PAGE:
High-Energy Linux: Linux & the Large Hadron Collider

The biggest, most powerful atom smasher the world has ever seen, the LHC (Large Hadron Collider), with its 17-mile underground loop and TeVs (Teraelectronvolts) of proton beams, is finally up and running, with Linux in control.

After some LHC engineering problems were fixed, CERN (European Organization for Nuclear Research)'s LHC is now back to work exploring if the standard theories of both how matter and energy holds up and how the universe was created. The LHC will do this by smashing together a pair of particle beams that are shot around the circle in opposite directions at just shy of the speed of light. The resulting collision will produce showers of new particles, including, scientists hope, the elusive Higgs Boson particle.

If you were going to blast together TeVs of protons — an act that might create micro-black holes which, if you were to get in the way of them, would be "the equivalent of having 87kg (kilograms) of TNT dumped into your body," as one CERN scientist put it — which operating system would you want running the show? I'll give you three guesses.

That's right. The LHC runs on Linux. To be exact, its uses a modified version of Scientific Linux, which in turn is based on RHEL (Red Hat Enterprise Linux).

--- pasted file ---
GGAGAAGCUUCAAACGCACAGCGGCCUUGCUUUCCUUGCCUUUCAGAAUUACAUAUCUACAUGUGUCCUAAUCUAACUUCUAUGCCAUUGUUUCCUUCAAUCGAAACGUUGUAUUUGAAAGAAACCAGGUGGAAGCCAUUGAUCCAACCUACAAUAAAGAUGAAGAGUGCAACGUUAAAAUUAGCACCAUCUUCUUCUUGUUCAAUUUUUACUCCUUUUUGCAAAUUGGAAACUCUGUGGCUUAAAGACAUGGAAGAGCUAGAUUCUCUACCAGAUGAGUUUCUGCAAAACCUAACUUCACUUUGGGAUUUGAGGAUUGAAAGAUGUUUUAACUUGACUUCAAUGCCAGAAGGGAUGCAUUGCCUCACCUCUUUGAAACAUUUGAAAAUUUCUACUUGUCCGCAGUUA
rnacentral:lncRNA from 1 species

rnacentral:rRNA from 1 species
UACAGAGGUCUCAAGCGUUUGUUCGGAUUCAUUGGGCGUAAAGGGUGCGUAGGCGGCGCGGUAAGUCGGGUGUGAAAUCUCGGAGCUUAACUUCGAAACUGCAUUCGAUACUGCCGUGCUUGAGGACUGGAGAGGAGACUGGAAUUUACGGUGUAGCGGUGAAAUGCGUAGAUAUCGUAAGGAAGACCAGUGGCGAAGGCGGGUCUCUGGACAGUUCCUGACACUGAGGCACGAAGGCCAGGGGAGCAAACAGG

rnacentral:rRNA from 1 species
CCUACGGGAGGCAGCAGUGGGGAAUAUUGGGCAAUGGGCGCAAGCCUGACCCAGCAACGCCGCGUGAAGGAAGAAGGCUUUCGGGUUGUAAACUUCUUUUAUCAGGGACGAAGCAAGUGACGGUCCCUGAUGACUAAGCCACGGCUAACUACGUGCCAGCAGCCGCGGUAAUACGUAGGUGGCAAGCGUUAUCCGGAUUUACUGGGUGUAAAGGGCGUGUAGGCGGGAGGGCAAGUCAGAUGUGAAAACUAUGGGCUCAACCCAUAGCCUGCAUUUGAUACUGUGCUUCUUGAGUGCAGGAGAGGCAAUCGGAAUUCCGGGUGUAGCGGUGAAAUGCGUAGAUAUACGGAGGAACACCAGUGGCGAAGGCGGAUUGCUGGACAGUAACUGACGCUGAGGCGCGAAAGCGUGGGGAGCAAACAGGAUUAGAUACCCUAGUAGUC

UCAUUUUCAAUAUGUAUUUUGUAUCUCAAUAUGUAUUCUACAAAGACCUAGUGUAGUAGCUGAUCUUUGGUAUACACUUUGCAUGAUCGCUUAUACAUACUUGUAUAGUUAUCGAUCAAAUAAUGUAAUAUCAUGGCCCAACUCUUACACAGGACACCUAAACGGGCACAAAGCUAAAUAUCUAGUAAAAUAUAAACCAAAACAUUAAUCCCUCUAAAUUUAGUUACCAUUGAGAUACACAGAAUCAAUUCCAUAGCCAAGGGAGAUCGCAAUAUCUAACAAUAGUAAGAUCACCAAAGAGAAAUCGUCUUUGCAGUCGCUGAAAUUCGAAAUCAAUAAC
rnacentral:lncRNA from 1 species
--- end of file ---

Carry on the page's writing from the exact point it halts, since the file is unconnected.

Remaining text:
This distribution's name says it all. Scientific Linux is meant for use by large research labs such as CERN and the U.S.'s equivalent high-energy physics group, Fermilab. Its main goal is to allow scientists to easily customize it by using scripts and Red Hat/Fedora's Anaconda installer. This lets every lab create its own custom distributions with minimal effort while retaining compatibility with the base distribution.

With the LHC, CERN will be using it to manage both the systems themselves and to make sense of the 15 petabytes -- that's 15 million gigabytes -- of data the LHC is expected to generate every year. Fortunately, Linux is great at super-computing.

CERN is also using Scientific Linux to run its LCG (LHC Computing Grid). The LHC isn't the fastest computer in the world, but it may set the record for being the biggest computer the world has ever seen, since it's made up of more than 100,000 processors from over 170 sites in 34 countries. There are bigger distributed grid computing efforts, such as the search for extra-terrestrial life SETI@home project and the protein analysis Folding@home project, but the Linux-powered LCG is probably the largest dedicated distributed grid computing project.

As a reader pointed out, you can join in on the science as well, but not the LCG, by using the open-source BOINC grid-computing software, for Linux, Mac OS X and Windows. You can join the LHC@home project by clicking the link.

I don't know about you, but I'm really pleased to see Linux and open-source software working hand-in-glove with perhaps the most important science project of the 21st century to date. When it comes to the really hard jobs, whether it's supercomputing, managing stock market trades in real time, or gigantic experimental projects, Linux is the way to go.

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